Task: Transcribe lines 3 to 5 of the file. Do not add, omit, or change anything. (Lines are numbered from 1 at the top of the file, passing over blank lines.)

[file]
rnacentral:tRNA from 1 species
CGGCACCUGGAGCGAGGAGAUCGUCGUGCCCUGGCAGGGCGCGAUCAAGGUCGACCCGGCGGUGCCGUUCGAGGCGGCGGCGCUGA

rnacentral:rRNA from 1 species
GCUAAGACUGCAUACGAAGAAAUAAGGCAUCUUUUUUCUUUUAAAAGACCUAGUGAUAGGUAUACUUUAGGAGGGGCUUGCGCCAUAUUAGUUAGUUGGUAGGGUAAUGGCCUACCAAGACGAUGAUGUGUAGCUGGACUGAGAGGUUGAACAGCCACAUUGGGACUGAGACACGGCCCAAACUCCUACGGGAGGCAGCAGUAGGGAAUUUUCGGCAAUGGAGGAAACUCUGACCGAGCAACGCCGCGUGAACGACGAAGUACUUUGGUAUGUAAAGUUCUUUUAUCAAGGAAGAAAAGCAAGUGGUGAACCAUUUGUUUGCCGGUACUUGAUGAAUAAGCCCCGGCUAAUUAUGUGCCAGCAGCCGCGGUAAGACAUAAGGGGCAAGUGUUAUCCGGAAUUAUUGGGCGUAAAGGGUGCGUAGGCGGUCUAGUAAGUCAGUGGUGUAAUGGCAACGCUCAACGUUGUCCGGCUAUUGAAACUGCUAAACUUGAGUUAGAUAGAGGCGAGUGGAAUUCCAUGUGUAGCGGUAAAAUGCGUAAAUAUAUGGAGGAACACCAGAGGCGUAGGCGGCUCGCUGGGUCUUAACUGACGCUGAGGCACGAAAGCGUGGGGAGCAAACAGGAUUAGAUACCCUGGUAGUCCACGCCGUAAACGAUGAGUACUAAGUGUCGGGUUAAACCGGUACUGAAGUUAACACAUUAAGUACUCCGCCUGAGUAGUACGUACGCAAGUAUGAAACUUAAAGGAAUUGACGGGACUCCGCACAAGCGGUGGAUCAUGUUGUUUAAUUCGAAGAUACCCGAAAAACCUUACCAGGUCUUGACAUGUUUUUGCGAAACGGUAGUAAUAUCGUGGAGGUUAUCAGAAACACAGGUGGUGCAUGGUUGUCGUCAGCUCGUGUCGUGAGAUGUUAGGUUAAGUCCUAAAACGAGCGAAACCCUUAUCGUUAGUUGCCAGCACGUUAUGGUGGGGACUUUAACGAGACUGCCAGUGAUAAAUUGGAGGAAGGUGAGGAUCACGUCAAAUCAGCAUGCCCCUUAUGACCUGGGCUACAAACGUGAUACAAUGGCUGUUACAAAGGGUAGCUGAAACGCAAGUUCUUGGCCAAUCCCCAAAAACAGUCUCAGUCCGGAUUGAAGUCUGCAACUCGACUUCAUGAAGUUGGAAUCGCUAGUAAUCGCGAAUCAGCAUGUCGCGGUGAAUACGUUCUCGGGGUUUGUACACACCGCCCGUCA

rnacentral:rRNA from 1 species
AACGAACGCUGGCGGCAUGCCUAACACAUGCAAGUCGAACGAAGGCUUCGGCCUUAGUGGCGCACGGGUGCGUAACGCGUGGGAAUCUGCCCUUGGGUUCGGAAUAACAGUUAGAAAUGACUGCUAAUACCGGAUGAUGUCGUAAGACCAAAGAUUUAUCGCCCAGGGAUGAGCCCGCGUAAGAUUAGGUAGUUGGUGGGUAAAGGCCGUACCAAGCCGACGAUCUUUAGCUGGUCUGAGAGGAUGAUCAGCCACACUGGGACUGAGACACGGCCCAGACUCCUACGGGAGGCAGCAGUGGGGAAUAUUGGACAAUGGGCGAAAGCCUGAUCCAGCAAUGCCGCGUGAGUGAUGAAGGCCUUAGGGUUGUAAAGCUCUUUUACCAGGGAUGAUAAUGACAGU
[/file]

rnacentral:rRNA from 1 species
GCUAAGACUGCAUACGAAGAAAUAAGGCAUCUUUUUUCUUUUAAAAGACCUAGUGAUAGGUAUACUUUAGGAGGGGCUUGCGCCAUAUUAGUUAGUUGGUAGGGUAAUGGCCUACCAAGACGAUGAUGUGUAGCUGGACUGAGAGGUUGAACAGCCACAUUGGGACUGAGACACGGCCCAAACUCCUACGGGAGGCAGCAGUAGGGAAUUUUCGGCAAUGGAGGAAACUCUGACCGAGCAACGCCGCGUGAACGACGAAGUACUUUGGUAUGUAAAGUUCUUUUAUCAAGGAAGAAAAGCAAGUGGUGAACCAUUUGUUUGCCGGUACUUGAUGAAUAAGCCCCGGCUAAUUAUGUGCCAGCAGCCGCGGUAAGACAUAAGGGGCAAGUGUUAUCCGGAAUUAUUGGGCGUAAAGGGUGCGUAGGCGGUCUAGUAAGUCAGUGGUGUAAUGGCAACGCUCAACGUUGUCCGGCUAUUGAAACUGCUAAACUUGAGUUAGAUAGAGGCGAGUGGAAUUCCAUGUGUAGCGGUAAAAUGCGUAAAUAUAUGGAGGAACACCAGAGGCGUAGGCGGCUCGCUGGGUCUUAACUGACGCUGAGGCACGAAAGCGUGGGGAGCAAACAGGAUUAGAUACCCUGGUAGUCCACGCCGUAAACGAUGAGUACUAAGUGUCGGGUUAAACCGGUACUGAAGUUAACACAUUAAGUACUCCGCCUGAGUAGUACGUACGCAAGUAUGAAACUUAAAGGAAUUGACGGGACUCCGCACAAGCGGUGGAUCAUGUUGUUUAAUUCGAAGAUACCCGAAAAACCUUACCAGGUCUUGACAUGUUUUUGCGAAACGGUAGUAAUAUCGUGGAGGUUAUCAGAAACACAGGUGGUGCAUGGUUGUCGUCAGCUCGUGUCGUGAGAUGUUAGGUUAAGUCCUAAAACGAGCGAAACCCUUAUCGUUAGUUGCCAGCACGUUAUGGUGGGGACUUUAACGAGACUGCCAGUGAUAAAUUGGAGGAAGGUGAGGAUCACGUCAAAUCAGCAUGCCCCUUAUGACCUGGGCUACAAACGUGAUACAAUGGCUGUUACAAAGGGUAGCUGAAACGCAAGUUCUUGGCCAAUCCCCAAAAACAGUCUCAGUCCGGAUUGAAGUCUGCAACUCGACUUCAUGAAGUUGGAAUCGCUAGUAAUCGCGAAUCAGCAUGUCGCGGUGAAUACGUUCUCGGGGUUUGUACACACCGCCCGUCA

rnacentral:rRNA from 1 species